THE SOUL’S DEEPEST CRY

collecting syrup

We, as human beings, are not merely a mixture of bones and tendons and organs and flesh. We were brought into being with a soul—a spiritual dimension of our being. That soul within us longs for meaningful connection with God.

Blaise Pascal, the great 17th century French mathematician and philosopher, remarked, “There is a God-shaped vacuum in the heart of every man [person] which cannot be filled by any created thing, but only by God.”

F.F. Bruce put it this way: “The soul’s deepest thirst is for God Himself, who has made us so that we can never be satisfied without Him.”

Prince Charles confessed the same longing: “There remains in the soul (if I dare use that word) a persistent and unconscious anxiety that something is missing…some ingredient that makes life worth living.”

Because the human composition includes a soul that longs for connection with God, there is a natural pull within us to pray—there is a natural pull within our soul to cry out to God. Even Madalyn Murray O’Hair, the founder of the American Atheists organization, wrote into her personal diary at least half a dozen times, “Somebody, somewhere, love me.” Though denying the existence of God, her soul kept crying out for Him.

Prayer is the means by which a soul cries out to God.

Though there are a variety of types of prayer (including petition, confession, gratitude, and praise), the primary prayer of the human soul is a gut cry for real connection with God.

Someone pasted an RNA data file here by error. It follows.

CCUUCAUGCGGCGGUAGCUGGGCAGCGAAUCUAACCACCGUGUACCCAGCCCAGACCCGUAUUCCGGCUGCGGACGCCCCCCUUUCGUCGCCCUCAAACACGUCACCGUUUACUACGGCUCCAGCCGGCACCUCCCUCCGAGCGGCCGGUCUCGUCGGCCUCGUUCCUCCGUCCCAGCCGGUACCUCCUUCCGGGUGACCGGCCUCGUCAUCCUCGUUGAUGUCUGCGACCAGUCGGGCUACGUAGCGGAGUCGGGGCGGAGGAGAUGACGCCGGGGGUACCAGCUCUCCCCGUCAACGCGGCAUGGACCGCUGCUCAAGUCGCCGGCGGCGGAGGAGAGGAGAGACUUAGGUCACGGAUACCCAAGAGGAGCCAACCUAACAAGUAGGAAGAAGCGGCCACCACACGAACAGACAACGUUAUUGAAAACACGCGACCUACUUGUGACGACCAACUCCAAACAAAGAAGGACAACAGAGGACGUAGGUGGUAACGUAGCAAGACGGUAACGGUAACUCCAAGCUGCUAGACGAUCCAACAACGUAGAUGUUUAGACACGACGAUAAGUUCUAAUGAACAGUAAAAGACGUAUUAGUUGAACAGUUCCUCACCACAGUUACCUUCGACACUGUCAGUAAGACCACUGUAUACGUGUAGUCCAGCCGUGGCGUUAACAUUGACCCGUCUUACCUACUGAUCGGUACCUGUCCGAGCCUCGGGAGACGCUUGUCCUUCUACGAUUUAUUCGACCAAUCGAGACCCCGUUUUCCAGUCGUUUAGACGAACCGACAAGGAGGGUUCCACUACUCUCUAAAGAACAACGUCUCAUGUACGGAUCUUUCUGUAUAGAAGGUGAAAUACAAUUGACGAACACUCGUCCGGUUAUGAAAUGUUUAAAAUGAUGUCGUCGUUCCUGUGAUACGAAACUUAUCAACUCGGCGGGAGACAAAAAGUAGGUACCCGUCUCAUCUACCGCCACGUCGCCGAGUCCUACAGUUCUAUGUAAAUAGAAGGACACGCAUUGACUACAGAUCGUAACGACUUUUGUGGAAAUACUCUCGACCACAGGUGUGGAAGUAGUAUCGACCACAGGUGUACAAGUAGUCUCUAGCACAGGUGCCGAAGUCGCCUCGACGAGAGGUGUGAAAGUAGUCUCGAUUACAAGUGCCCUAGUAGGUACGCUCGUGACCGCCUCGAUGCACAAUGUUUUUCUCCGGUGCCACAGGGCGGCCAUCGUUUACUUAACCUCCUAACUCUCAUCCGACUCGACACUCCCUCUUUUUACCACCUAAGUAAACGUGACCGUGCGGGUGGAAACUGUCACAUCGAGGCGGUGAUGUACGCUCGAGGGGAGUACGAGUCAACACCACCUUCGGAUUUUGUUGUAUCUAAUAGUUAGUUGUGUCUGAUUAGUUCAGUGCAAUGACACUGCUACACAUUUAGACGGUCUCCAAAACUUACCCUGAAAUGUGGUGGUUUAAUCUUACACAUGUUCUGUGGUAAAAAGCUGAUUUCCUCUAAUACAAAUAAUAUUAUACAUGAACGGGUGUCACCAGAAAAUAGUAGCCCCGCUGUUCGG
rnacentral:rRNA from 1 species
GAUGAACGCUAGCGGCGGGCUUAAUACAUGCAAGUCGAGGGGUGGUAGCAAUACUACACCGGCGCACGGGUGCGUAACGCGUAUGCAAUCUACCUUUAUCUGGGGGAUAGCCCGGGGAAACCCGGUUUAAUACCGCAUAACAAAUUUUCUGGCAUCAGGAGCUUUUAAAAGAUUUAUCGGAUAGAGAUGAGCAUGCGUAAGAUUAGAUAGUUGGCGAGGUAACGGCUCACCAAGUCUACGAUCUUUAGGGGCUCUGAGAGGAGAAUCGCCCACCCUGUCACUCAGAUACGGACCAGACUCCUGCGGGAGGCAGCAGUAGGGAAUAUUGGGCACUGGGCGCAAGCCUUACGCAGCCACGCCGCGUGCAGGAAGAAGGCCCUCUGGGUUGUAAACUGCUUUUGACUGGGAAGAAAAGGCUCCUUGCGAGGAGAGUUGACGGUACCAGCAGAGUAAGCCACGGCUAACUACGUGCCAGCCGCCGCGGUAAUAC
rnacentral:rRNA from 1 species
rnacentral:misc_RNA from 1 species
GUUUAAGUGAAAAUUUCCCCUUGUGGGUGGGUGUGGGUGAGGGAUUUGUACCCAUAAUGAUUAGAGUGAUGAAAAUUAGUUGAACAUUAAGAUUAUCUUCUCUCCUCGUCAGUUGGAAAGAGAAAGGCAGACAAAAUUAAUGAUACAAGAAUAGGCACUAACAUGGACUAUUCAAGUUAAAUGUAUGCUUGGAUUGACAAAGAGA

Jeffrey D. Imbach stresses, “Prayer is essentially the expression of our heart longing for love. It is not so much the listing of our requests but the breathing of our own deepest request, to be united with God as fully as possible.”

E. Stanley Jones offers a wonderful picture of what prayer is about. He says, “Prayer’s like the fastening of the cup to the wounded side of a pine tree to allow the resin to pour into it. You are now nestling up into the side of God—the wounded side, if you will—and you allow His grace to fill you up. You are taking in the very life of God.”

So when your soul nudges you to pray, go ahead and do it. It’s what we were designed to do. It’s what is natural to who we are as human beings.

And it’s what God longs for as well. Bill Hybels offers a suggestion of God’s attitude toward our prayers: “‘Come into My presence,’ says God. ‘Talk to Me. Share all your concerns. I’m keenly interested in you, because I’m your Father. I’m able to help, because all power in heaven and on earth is Mine. And I’m listening very closely, hoping I will hear your voice.’”

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